Apple is at a crossroads. Competition is heating up, China is losing interest in its smartphones, and in the midst of it, Ive is leaving. The company will undoubtedly retain its market standing, but it certainly feels as if it’s weathering an internal struggle.
Ive was a bit of an omnipotent, unseen figure at Apple—the wizard behind the curtain (almost literally, as he preferred to appear at launch events via voiceover only); it can be difficult to understand the totality of his effect at Apple, and beyond. Here is the recommended reading on Jony Ive, including reactions to his exit as well as past reports that may help the consumer technology world read the tea leaves on what this means for Apple’s future.
- The penultimate Apple source and analyst John Gruber’s excellent take on Ive’s exit wastes no time getting to the point: “Today’s MacBooks are worse computers but more beautiful devices than the ones they replaced. Is that directly attributable to Jony Ive?”
- Market analysts believe Apple will be fine without Ive; this story notes a 2013 interview where he talked about wanting to design cups and chairs.
- Last year, a user noticed that the iOS keyboard autocorrect had different rules for Jony Ive and his wife, Heather Ive. (Or, apparently, “Heather I’ve.”)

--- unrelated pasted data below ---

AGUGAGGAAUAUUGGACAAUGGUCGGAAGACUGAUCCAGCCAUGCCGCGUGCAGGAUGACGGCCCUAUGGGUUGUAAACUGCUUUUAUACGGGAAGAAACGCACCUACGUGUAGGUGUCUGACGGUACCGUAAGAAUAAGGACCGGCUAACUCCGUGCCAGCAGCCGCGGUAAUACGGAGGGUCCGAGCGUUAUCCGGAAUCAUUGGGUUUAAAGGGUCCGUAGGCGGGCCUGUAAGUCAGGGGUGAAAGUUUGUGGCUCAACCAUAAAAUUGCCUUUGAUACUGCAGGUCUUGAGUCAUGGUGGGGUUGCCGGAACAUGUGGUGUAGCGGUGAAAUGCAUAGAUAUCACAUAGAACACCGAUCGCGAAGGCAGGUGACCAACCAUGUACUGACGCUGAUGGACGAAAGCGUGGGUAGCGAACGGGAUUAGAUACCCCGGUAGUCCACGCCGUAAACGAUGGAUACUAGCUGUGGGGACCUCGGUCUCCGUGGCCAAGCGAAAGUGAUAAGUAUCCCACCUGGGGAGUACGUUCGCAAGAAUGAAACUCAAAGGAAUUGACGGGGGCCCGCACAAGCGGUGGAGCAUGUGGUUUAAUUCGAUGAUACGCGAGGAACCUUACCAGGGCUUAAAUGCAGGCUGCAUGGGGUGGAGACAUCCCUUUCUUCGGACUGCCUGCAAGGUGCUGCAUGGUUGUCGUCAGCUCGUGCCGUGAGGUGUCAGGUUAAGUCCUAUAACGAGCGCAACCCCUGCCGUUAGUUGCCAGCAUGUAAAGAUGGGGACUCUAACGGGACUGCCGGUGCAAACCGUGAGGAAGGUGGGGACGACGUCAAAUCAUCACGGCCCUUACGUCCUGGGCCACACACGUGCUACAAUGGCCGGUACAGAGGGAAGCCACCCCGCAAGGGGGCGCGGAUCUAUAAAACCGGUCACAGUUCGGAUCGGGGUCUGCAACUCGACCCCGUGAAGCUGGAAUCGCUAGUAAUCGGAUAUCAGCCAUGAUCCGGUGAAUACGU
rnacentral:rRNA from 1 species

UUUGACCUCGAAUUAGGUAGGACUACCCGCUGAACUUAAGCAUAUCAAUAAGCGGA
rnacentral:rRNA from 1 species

- Ive’s obsession with opulence was never on better display than when he designed this diamond ring. Naturally, it’s bezel-less.
- “[Ive] leaves a legacy of pushing its products toward disposability and unrepairability, a choice that has reverberated across the consumer electronics industry.” Read Vice’s critical look at the consequences of Ive’s “design at all costs” ethos, and the tone it set for the entire market. (They’re not wrong.)
- In 2012, the Ive era began—and any future for skeuomorphic design (wherein real-life attributes are added to software) was killed. The “flat design” trend was kickstarted.
- Around 2015, the world hit peak Ives obsession; the designer could do no wrong—he even helped J.J. Abrams design the lightsabers for The Force Awakens. it was during this period of time that his voice-over videos became an expectation at Apple events.
- …And, of course, those voiceovers included the word “aluminum,” and everyone knows the delightful way in which British people say “a-loo-min-ee-um.” The voiceovers inspired a YouTube video airing the phrase in Ive’s voice on a loop; someone even created a soundboard to include Ive saying all sorts of things (i.e. “soft, quilted leather”). Ive was reportedly not a fan of the projects.
- “I’ve leave Apple if it stopped innovating,” Ive said in 2014.
- Never forget that in 2016, Ive designed a Christmas Tree.
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Molly McHugh is the tech editor of the Daily Dot, focusing on technology, social media, sports, and streaming entertainment. Her work has also appeared in Wired and the Ringer.